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Friday 22nd June 2018

NICE publish antibiotic guidelines

30th July 2008

Drug regulatory body the National Institute for Health and Clinical Excellence (NICE) has published clinical guidelines on appropriate prescribing of antibiotics for respiratory tract infections (RTIs) in adults and children.


The guidelines are for patients in primary care and other settings such as emergency departments and walk-in centres.

It covers three areas of no antibiotic prescribing, delayed antibiotic prescribing with a prescription written for use if symptoms get worse, or immediate antibiotic prescribing.

The move comes as evidence indicates that antibiotics have limited effectiveness in treating a large proportion of RTIs in adults and children and complications are likely to be rare if antibiotics are withheld. At present, RTIs account for 60% of all antibiotic prescribing every year in general practice.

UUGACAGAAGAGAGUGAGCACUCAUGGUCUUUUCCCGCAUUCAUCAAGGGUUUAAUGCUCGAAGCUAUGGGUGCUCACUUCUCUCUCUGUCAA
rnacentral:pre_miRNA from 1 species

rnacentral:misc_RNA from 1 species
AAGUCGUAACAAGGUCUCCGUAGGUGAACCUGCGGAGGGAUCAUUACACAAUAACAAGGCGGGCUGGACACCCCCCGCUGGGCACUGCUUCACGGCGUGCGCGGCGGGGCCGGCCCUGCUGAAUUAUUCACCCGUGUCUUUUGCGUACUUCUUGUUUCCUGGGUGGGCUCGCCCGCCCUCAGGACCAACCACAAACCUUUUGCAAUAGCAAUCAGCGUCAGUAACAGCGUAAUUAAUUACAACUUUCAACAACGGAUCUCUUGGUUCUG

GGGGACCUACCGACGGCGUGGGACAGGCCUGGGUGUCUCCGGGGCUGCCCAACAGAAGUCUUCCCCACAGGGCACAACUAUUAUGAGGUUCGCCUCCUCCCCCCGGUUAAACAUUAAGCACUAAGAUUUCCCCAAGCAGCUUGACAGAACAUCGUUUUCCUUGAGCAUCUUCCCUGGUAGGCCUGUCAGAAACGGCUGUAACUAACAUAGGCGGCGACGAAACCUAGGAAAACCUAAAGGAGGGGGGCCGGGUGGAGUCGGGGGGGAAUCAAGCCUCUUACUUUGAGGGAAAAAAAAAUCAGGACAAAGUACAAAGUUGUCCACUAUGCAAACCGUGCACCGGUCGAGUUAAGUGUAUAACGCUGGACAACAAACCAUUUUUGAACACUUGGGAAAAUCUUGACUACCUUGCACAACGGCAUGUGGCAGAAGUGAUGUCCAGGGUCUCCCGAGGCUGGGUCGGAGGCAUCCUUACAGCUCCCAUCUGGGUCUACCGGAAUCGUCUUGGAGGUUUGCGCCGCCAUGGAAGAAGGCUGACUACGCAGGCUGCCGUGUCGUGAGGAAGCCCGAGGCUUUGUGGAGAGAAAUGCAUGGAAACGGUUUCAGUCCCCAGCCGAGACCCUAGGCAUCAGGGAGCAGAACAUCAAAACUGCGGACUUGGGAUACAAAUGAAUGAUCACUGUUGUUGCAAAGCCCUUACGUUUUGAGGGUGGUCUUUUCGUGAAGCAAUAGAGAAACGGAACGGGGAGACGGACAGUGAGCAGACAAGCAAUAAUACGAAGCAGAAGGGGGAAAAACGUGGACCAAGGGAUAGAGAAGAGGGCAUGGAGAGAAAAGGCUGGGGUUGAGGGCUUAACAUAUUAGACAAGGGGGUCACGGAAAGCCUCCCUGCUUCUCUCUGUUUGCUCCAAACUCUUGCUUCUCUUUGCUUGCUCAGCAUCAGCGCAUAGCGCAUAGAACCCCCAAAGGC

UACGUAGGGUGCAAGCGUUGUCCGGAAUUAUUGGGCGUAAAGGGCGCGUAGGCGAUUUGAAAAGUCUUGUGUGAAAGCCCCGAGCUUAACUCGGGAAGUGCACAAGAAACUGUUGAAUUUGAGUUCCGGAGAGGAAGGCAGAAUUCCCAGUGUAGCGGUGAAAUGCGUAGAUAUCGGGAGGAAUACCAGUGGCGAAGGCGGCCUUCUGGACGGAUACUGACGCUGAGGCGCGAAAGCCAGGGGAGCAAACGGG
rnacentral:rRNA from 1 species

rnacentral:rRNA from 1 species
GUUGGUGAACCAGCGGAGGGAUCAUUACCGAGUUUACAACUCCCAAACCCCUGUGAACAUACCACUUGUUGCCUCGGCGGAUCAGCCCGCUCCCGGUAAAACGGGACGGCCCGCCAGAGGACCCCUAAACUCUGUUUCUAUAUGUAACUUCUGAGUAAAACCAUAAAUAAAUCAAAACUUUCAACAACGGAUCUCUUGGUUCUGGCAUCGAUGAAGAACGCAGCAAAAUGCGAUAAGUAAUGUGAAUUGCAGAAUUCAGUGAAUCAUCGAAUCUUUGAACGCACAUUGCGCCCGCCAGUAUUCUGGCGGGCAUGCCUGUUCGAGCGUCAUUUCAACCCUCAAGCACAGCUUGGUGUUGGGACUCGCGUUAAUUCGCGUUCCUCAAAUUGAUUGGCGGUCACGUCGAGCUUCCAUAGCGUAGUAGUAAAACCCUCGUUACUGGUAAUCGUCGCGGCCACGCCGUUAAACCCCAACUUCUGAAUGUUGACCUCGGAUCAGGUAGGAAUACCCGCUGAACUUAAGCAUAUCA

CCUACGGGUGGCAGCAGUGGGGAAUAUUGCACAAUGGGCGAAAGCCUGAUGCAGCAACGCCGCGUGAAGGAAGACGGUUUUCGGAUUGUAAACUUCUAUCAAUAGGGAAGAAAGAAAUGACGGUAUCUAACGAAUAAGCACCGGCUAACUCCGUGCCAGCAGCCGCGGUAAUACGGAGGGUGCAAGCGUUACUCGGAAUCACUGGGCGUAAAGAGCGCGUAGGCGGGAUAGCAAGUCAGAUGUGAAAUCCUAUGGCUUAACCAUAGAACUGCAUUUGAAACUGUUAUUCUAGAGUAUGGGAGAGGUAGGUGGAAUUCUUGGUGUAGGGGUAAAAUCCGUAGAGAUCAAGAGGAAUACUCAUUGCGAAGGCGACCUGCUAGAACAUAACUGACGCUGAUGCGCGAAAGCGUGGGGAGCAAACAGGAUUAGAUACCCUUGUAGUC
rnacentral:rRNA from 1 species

NICE deputy chief executive Dr Gillian Leng said: "This is the first practical guideline which will help all healthcare professionals to assess adults and children with RTIs to decide whether their condition will improve by taking antibiotics. The guidance will also ensure that they can be followed up by the right people, at the right time and within the right healthcare setting."

Paul Little, Professor of Primary Care Research and Guideline Development Group Chair, said that management of RTI's in the past concentrated on advising prompt antibiotic treatment but as rates of major complications are much less common in modern developed countries, there now needs to be a strong case of "symptomatic benefit" before prescribing.

At present over five million antibiotics are prescribed for children in the community every year.


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